Yesterday afternoon, the leader of a microscopic cult of idiots who announced plans to stage an "international" day of Quran burning in Gainesville, Florida held a press conference, for a rapt media which decided that his moronic plans were the single most important thing going on in America. At that press conference, in front of "9/11 Truther" signs, this cult leader lied to everyone who was watching, telling them that he was going to call off his 9/11 book burning festival because he had successfully reached a deal with the people behind the Park51 community center in Lower Manhattan, in which hey would move their facility away from the site of the World Trade Center. Not a word of this was true, but it was amazing, all the same -- at one fell swoop, we had finally knit up the strands of a season of irrationality into one big, shiny, synergized knot. This was supposed to be the end of Recovery Summer? More like Relapse Summer. The story of how one lone idiot, pimping an 18th-century brand of community terrorism, held the media hostage and forced some of this nation's most powerful people to their knees to fitfully beg an end to his wackdoodlery is an extraordinary one. It's a modern media retelling of Faulkner's "As I Lay Dying", in which a gang of Islamaphobes, cast in the role of Addie Bundren, bamboozle the media into carrying their coffin full of malevolence on a journey of pure debasement. Let's begin at the beginning. Earlier this year, an organization called the Cordoba Initiative were granted permission by the appropriate authorities in New York City to turn an old Burlington Coat Factory at 51 Park Place in lower Manhattan into a community center. The organization was headed by an Imam named Feisal Abdul Rauf, who has made it his life's work to stand against radical cults like al Qaeda and teach young Muslims that America is a place where one can freely worship at the appointed times and then join other faith communities in America in the task of building a great nation. The proposed community center was to include a basketball court and space for different religious communities in New York City to have interfaith relations. It was also going to have a place for Muslims to pray, if they liked. The news didn't sit well with many people in New York, most notably people who didn't live in Manhattan. This is because they were told by a gaggle of dumb Islamophobes that what was planned was a "Ground Zero mosque." Of course, the planned community center was not, strictly speaking, a "mosque." And it was most definitely not "at Ground Zero." "Ground Zero" is the site of an interminable municipal construction project. There are no plans to build a mosque there. "Ground Zero" is also not the name of a recognized New York City neighborhood, like DUMBO or Murray Hill. But, here's the thing: even if it was, the battle to stop the "Ground Zero mosque" was already lost, because there already is a mosque in that neighborhood. This logic failed to sink in, because very few people outside of me and the good people over at Wonkette made any attempt to bring these facts to light. But it might not have mattered, because the fertile field of opposition to the Park51 community center was the raw wound of the September 11th attacks. Obviously, many people are still feeling the loss of that day. And that loss breeds many emotions, among them sadness and anger. And people definitely do have the right to express their sadness and their anger. But what people don't have the right to expect is that the government will intervene to remedy claims that have no basis in law. As soon as the media saw themselves a shiny shiny shining thing shining shinily in New York City, they pounced! How perfect! Something for us to talk about during the slow-news summer! I mean, we could talk about the nation's unemployment crisis, but that would mean we'd have to talk to poor, jobless people, and there's no currency in having access to a bunch of poors. Right away, they accepted the premise that this was a "Ground Zero mosque," when it wasn't. And so, by the power vested in the media, things that weren't in fact true were accorded the privilege of being "one side of a great debate" and "an interesting point of view." Charlie Brooker, calling out the media for this bullshit, states what should have happened at this very moment: New York being a densely populated city, there are lots of other buildings and businesses within two blocks of Ground Zero, including a McDonald's and a Burger King, neither of which has yet been accused of serving milkshakes and fries on hallowed ground. Regardless, for the opponents of Cordoba House, two blocks is too close, period. Frustratingly, they haven't produced a map pinpointing precisely how close is OK. That's literally all I'd ask them in an interview. I'd stand there pointing at a map of the city. Would it be offensive here? What about here? Or how about way over there? And when they finally picked a suitable spot, I'd ask them to draw it on the map, sketching out roughly how big it should be, and how many windows it's allowed to have. Then I'd hand them a colour swatch and ask them to decide on a colour for the lobby carpet. And the conversation would continue in this vein until everyone in the room was in tears. Myself included. That hasn't happened. Instead, 70% of Americans are opposed to the "Ground Zero mosque", doubtless in many cases because they've been led to believe it literally is a mosque at Ground Zero. And if not...well, it must be something significant. Otherwise why would all these pundits be so angry about it? And why would anyone in the media listen to them with a straight face? And because the media couldn't do their job, a group of hack politicians, like Rick Lazio and Newt Gingrich, desperate to get a little famewhore attention for their quixotic political career goals, saw an opportunity to horn in on the "discussion." They started telling all the sad and angry people that they actually did have the right to expect someone to provide a remedy to their claims. Their case was primarily based on the idea that nobody has the rights of religious freedom, no one has property rights and that the government has the right -- nay, the duty! -- to intrude. Right away, they should have been entirely ridiculed, because the people pimping this bilge were primarily right-wing types who would ordinarily say that church and state should not be separated, that property rights are sacrosanct, and that government should be small and unobtrusive. Someone really should have said to Newt Gingrich, "Is this seriously the stand you want to take? Because if it is, we shall never allow you to claim to be a supporter of small government or a 'Constitutional constructionist' ever again. And if you try to assert that claim, we will drop on you like a ton of bricks. We will cause you real, public pain." But of course, that's not what happened. The media has too much invested in flattering people like Newt Gingrich, and whoever writes Sarah Palin's tweets. And so, these inherent contradictions simply became "one side of a great debate" and "an interesting point of view." And from there, some idiot news producer said, "Hey, I bet we can shoehorn this into our election narrative somehow!" And so the Park51 community center became an election issue. Imagine that, in a world with a nine year-long, going nowhere war and a massive unemployment crisis! Imagine how many times you would have to hit yourself in the head with a ball peen hammer before you would ask a politician from California how they stood on a local zoning issue in Manhattan. But ask they did, all the way to the White House. And that's when Democrats like Harry Reid stepped forward to publicly cover themselves in cowardice. This turned the frenzy up several notches for the media, because suddenly, they had obtained a very precious thing -- the right to say "both sides do this." The matter had become a folie a deux -- a madness made for two! -- but the media focused all their attention on the "two" and none on the "madness." And in that climate, a pastor named Terry Jones saw an opportunity to make himself famous. Jones heads up a heretofore unknown and uncared-about gang of Florida morons known as the Dove Outreach Church -- minor bit players in the field of antagonizing American Muslims. This idiot announced that he was going to burn some Qurans on September 11th, and was anyone interested in giving this nonsense a whole lot of media attention? And boy howdy, lots of people took him up on the offer! And you know why they did that? Because of the shame. Because deep down, your media all-stars knew that they had aided and abetted something that closely resembled an intellectual atrocity, and now it was time to atone by finding the lowest-hanging fruit available and make themselves feel better by beating on them repeatedly for being assholes -- something they should have already been doing for months! And this gave an opportunity for some of those who had opposed the Park51 community center -- who deserved the treatment being meted out to Terry Jones -- to do the same. They joined their friends in the media in this demonstration of game-show absolution, saying, "This level of bigotry is unacceptable! It's so declasse in comparison to our own bigotry, which is a refined, 'Sunday Afternoon On The Island Of La Grande Jatte' form of despicableness." A few people, like John Boehner and whoever writes Sarah Palin's tweets went so far as to say, "See, this is exactly the same thing we were decrying with the Ground Zero mosque." Except it wasn't, because the Ground Zero mosque was a thing they had made up! None of this bothered Terry Jones at all! Why should it? In the long history of fringe religious figures saying and doing stupid things, it is exceedingly rare for the media to provide much attention to them. Pat Robertson has been telling America that gay people cause hurricanes for years, and it never amounts to much in the way of coverage beyond a periodic reminder that Pat Robertson is a complete fool. Terry Jones, however, had been given something very precious: he was now "one side of a great debate" who possessed "an interesting point of view." And the media worked very hard to push the case that Jones was part of a debate. Now, Quran burning was an election-year issue, for which every candidate had to answer. And they even went so far as to ask Jones repeatedly, "What if President Obama told you not to do this? What if former President George W. Bush told you not to do this?" They were literally brokering negotiations between an idiot cult leader and some of the most powerful and important people in the world! By now, things were terribly out of control. President Obama had to publicly state that Quran burning is a stupid thing to do. Imagine how out of touch you have to be that you need to go all the way to the White House to find that answer! Other important people were compelled to interject at this point. General David Petraeus had to come forward and state the plainly obvious: that all the public attention being given to this Quran burning would undermine the ability of U.S. forces to conduct their counterinsurgency operations, which depend heavily on winning the "hearts of minds" of Afghans. I think a lot of people read this as Petraeus speaking out against the attention-seeker, Terry Jones. But I think he was speaking more directly to the attention-givers. And everything that Justin Elliot reports here, I believe, lends credence to my contention. Eventually, Robert Gates -- the Secretary of Defense, who is running two wars! -- had to call Jones up and try to convince him not to do this. "Which is crazy," says Alex Pareene, accurately, because when, exactly, did the Pentagon start negotiating with two-bit terrorists? All of this finally culminated with yesterday's press conference, where Terry Jones lied and said that the Park51 community center was going to move, thanks to him. You see where this is headed now, don't you? Now the people behind Park51 are on the hook for stopping this Quran burning, and all of the negative external impact it may have. Now, all of the refined hate-merchants from early in the story can say that if the "Ground Zero mosque" isn't moved, immediately, American troops could die! To go back to Charlie Brooker, let's remember that after sizing up the incompetence that pervaded the Park51 coverage, he warned that the "media" should just "give up" before they "[made] things worse." Pretty prophetic, isn't it? They got played, and played badly, by a dude with 14th-century religious beliefs, 19th-century facial hair and ultra-modern media savvy. Terry Jones has essentially blackmailed some of the most important people in America, with the assistance of the media. Let's remember that all of this paralysis was caused by 50 people who wanted to burn a book that's available for free, on the Internet! There were many, many moments where someone could have simply said, "No, we should really not be doing this. These Islamophobes are objectively wrong, objectively stupid, objectively contradictory, objectively harmful, and by God, as someone with a functioning brain and a devotion to the pursuit of reason above all else, I am going to stand here and say no to all of this." But as it turns out, it wasn't until yesterday afternoon that someone finally had the guts to say maybe we cannot really believe a word this man is saying. Well, they should have thought of that before they decided to point a bunch of teevee cameras at him, I guess. [Would you like to follow me on Twitter? Because why not? Also, please send tips to email@example.com -- learn more about our media monitoring project here.]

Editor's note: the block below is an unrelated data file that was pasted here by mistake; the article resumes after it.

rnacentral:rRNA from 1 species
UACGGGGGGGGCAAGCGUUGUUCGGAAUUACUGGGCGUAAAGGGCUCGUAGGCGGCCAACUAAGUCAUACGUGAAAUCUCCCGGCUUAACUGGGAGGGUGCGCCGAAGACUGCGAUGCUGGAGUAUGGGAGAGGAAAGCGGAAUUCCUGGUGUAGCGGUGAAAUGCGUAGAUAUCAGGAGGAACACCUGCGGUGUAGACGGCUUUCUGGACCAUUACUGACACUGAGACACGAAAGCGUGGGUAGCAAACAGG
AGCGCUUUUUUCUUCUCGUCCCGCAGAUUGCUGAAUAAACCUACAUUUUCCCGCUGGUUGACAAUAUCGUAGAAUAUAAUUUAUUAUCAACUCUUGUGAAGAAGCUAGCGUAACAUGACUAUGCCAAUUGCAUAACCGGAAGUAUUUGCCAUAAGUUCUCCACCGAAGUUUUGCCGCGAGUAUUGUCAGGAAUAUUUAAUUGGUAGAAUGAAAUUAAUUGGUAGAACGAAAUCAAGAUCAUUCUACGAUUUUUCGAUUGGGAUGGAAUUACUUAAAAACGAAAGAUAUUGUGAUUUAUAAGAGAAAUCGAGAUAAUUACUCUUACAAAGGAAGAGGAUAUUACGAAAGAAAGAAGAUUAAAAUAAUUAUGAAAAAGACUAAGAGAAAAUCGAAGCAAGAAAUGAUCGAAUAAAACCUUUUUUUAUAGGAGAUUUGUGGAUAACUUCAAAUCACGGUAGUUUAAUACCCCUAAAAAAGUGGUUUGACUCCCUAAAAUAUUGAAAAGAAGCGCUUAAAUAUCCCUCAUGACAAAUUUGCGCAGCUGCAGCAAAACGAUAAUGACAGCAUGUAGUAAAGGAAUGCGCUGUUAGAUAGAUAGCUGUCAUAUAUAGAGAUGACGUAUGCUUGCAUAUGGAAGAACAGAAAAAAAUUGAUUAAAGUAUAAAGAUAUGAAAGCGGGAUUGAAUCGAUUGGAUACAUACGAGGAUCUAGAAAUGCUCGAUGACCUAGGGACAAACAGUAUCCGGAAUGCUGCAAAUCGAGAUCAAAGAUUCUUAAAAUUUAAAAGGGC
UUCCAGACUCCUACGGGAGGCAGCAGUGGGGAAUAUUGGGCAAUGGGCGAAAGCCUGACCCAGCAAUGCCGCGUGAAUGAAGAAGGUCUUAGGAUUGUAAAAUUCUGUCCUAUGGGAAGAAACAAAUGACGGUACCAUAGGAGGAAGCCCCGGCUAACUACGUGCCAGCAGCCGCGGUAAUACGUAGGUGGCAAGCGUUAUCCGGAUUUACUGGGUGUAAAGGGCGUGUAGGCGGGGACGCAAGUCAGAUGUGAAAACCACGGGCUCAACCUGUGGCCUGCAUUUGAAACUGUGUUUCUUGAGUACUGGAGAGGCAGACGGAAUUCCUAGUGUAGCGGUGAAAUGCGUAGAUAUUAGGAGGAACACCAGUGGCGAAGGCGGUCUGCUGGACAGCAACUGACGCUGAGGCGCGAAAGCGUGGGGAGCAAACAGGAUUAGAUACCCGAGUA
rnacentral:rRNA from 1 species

The Future of Social Media in Journalism